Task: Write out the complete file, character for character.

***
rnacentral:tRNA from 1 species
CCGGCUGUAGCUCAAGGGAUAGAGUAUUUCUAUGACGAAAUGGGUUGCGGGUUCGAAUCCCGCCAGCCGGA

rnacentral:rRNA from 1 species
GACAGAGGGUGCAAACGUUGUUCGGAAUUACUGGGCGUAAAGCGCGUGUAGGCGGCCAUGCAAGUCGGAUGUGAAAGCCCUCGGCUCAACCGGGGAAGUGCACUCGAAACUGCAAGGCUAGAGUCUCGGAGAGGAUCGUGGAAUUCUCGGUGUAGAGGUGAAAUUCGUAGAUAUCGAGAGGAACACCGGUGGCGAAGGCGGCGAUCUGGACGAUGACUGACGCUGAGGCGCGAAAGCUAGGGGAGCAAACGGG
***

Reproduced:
rnacentral:tRNA from 1 species
CCGGCUGUAGCUCAAGGGAUAGAGUAUUUCUAUGACGAAAUGGGUUGCGGGUUCGAAUCCCGCCAGCCGGA

rnacentral:rRNA from 1 species
GACAGAGGGUGCAAACGUUGUUCGGAAUUACUGGGCGUAAAGCGCGUGUAGGCGGCCAUGCAAGUCGGAUGUGAAAGCCCUCGGCUCAACCGGGGAAGUGCACUCGAAACUGCAAGGCUAGAGUCUCGGAGAGGAUCGUGGAAUUCUCGGUGUAGAGGUGAAAUUCGUAGAUAUCGAGAGGAACACCGGUGGCGAAGGCGGCGAUCUGGACGAUGACUGACGCUGAGGCGCGAAAGCUAGGGGAGCAAACGGG